A $2 Geofence: Wi-Fi Location (Here.com), ESP32-C3, Golioth Pipelines, and n8n

Piecing together different pieces of technology can have a multiplicative effect. I think that’s what happened with this demo: we paired Wi-Fi locationing, low cost hardware, Golioth Pipelines, and n8n (an API workflow tool) to create a “geofence”.

A geofence is a virtual perimeter used to set up alerts or take actions once a device moves outside that virtual perimeter. The example we gave in the video is if you had a tracker on your cat and you wanted to take an action once the device was outside a particular area.


The reason we’re calling this a “$2 geofence” is because it’s enabled by the ESP32-C3, a low cost module from Espressif. We put this on the Aludel Elixir as a backup connectivity method if we were again at a conference with no LTE-M coverage.

The ESP-AT firmware does what it sounds like it should do: it responds to AT commands from other microcontrollers talking to it over serial (as many cellular modules also do). One key enhancement is that the ESP-AT mode already works as a connectivity method; in fact, we utilize the ESP-AT firmware as an offloaded Wi-Fi modem when we build and test for the nRF52840 in our Continuously Verified Hardware. In Zephyr, there is an option for utilizing the ESP-AT modem as the main offloaded Wi-Fi modem. This makes it ‘invisible’ to the Zephyr program and acts like any other network interface, since it is built on top of the Wi-Fi subsystem in Zephyr.

One change that was required is we had to re-write how we pulled the information off the ESP-AT modem. Normally the wifi scan shell command returns the (human readable) names and signal strengths of all the access points (APs) visible to the modem. Instead, we want mac address and signal strength, as that’s what’s expected by the API service we’ll describe below.

Golioth Pipeline

We start by scanning Wi-Fi APs and the tower that the cell modem is connected to. Then we publish that on the Stream service up to the Golioth cloud. Because we’re publishing to a specific topic (instead of my normal, generic default of “sensor”), we can start to peel off that data and send it somewhere interesting. How? With pipelines, of course!

I set up the pipeline to watch on the path wifi_lte_loc_req (a name of my own making, this could be any arbitrary name). That data gets sent out to a webhook going to n8n. Webhooks more broadly are a generic way to interface between a lot of cloud services, but we use it to send data into the api platform.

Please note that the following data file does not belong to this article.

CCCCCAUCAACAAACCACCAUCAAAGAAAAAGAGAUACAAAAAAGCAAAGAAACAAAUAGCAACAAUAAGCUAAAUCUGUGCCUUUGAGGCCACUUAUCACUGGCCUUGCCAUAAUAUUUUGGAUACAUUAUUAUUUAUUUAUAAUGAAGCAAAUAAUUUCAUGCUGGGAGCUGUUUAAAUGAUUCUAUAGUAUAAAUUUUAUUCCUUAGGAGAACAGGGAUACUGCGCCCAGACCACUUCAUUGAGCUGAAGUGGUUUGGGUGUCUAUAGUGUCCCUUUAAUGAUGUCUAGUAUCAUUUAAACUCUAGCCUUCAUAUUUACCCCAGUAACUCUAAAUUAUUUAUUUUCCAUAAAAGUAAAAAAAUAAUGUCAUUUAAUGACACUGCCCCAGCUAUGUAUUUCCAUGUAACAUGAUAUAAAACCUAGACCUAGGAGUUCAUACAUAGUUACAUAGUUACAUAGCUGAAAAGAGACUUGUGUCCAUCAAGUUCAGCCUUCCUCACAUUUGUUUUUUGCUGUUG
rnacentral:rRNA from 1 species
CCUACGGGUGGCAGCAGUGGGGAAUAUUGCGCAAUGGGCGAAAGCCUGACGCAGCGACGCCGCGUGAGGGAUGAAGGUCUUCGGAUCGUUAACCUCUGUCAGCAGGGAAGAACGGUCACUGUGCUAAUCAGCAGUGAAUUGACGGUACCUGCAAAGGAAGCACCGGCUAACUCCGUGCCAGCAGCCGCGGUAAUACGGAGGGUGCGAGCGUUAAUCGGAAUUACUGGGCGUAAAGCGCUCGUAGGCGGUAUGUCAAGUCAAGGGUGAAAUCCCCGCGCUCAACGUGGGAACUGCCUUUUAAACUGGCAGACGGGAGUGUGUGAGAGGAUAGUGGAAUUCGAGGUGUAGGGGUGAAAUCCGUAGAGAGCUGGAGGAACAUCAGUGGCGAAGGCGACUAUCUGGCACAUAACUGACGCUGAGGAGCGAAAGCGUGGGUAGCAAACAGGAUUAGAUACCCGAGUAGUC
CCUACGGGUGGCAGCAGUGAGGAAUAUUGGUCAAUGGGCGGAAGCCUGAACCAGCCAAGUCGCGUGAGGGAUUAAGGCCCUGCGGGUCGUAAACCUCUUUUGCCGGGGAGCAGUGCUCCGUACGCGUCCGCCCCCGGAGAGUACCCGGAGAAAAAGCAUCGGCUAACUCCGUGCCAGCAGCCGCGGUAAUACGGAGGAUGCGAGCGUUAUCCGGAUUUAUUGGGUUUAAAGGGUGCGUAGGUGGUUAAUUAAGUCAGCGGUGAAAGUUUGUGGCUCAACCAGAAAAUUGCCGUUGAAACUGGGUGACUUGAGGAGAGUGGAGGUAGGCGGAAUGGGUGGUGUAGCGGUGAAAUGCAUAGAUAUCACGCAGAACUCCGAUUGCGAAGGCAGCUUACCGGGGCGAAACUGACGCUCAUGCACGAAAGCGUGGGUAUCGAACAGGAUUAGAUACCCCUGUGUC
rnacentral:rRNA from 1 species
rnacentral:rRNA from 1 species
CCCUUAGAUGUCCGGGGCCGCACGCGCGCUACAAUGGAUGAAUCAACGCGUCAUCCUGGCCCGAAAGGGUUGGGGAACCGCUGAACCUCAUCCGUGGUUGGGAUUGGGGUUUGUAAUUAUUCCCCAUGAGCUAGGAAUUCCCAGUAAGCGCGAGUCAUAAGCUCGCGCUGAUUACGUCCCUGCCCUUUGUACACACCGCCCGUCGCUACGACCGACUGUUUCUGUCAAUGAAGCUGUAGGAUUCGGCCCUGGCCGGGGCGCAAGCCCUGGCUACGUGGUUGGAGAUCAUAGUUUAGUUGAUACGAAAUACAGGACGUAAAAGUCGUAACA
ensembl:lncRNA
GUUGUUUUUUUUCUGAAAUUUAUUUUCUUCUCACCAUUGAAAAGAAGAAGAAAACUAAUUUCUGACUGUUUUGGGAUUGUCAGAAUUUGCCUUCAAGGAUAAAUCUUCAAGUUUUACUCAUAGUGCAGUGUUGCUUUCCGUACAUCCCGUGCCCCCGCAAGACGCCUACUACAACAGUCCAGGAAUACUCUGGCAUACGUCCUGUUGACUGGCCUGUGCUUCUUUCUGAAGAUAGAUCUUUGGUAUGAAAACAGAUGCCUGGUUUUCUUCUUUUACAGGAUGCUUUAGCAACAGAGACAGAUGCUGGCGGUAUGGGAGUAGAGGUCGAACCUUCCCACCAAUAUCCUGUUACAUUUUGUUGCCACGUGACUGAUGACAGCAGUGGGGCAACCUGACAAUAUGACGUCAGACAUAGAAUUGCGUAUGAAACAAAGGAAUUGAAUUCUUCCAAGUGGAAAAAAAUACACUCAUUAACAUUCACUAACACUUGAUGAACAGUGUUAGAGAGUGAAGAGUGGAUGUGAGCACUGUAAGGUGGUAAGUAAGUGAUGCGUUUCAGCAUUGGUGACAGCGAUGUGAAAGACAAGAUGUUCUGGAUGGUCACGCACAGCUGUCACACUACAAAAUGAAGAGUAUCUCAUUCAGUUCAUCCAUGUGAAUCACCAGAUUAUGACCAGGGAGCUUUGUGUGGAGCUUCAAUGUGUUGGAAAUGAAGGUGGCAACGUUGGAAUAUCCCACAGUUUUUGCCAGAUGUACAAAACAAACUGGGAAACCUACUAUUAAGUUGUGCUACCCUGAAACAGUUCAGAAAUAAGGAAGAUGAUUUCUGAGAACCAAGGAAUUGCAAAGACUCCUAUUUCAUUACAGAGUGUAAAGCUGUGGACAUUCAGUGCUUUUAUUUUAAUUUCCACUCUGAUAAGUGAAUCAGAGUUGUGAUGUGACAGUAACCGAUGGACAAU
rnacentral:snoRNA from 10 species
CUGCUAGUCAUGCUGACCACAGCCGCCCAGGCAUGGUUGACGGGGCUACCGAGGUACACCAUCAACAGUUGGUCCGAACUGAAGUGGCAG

Now that the data is being sent into n8n (a self hosted instance, no less!) we can start doing interesting things with it. This is an area that is full of similar offerings, sometimes specifically targeted at IoT, and other time targeted a business workflows:

If you’re newer to working with APIs and tying stuff together, it might take a bit of time to figure out how queries should be structured and how your setup should respond when there are errors.

API service

We send data from the device to Golioth already formatted for what the location service API service expects. This is not required in the slightest, as Golioth’s Pipelines can morph and transform data to meet the needs of the endpoint. But…why not? It kind of makes sense to have the device publish data in a format that matches the target API service. Then later if we decide to re-target an alternative service, we can use transformations to mold the incoming data to what that new service expects.

For this demo, I’m using the here.com API service. I like that it combines LTE tower + WiFi AP for its API, which means it will lean on whichever provides a more accurate reading (normally Wi-Fi). Again, this service is one of many! There are a range of API services because this is something that phones are often using to determine location from apps.

Once we receive the lat, lon, and accuracy, we actually pass the data back to the device using LightDB State. This two-sided database is a good defacto way to send arbitrary data from the cloud to the device. In the case of n8n, we’re pulling through the original project name, device identifier, and then publishing to the Golioth REST API. This makes it a data “round trip” from device to cloud and back down to device.

Logic and alerts

Since the data is already on the cloud in an API marketplace like n8n…why not use that data to do some cloud side processing? In this case, I wanted to set up a geofence to show that we can trigger logic and alerts on the cloud and even call 3rd party APIs like Slack and Twilio.

Geofence alert messages being sent into Slack

I asked ChatGPT to help me out with some javascript that would help calculate a true/false output so that I could use that to trigger downstream logic. We insert the lat/lon data that was returned from here.com into this algorithm and it pops out whether or not we are inside the “fence”. As of this writing, I am still using a fixed location for where the center of the “fence” is located, as well as the radius of said “fence”. I’m certain it’s possible in n8n or other tools, perhaps as another Webhook or a configurable variable.

Future demos

Hopefully one thing you noticed from this demo is just how much can be enabled with Golioth’s pipelines. Since Golioth takes care of reliably delivering your data to the cloud, the rest is really a matter of configuration. It’s also difficult to know all the different APIs that could be utilized out in the world. Pulling these elements together shows how a hardware or firmware engineer could enact complex device and business logic to create interesting applications out in the real world. If you need any help getting your next project off the ground, stop by our forum!

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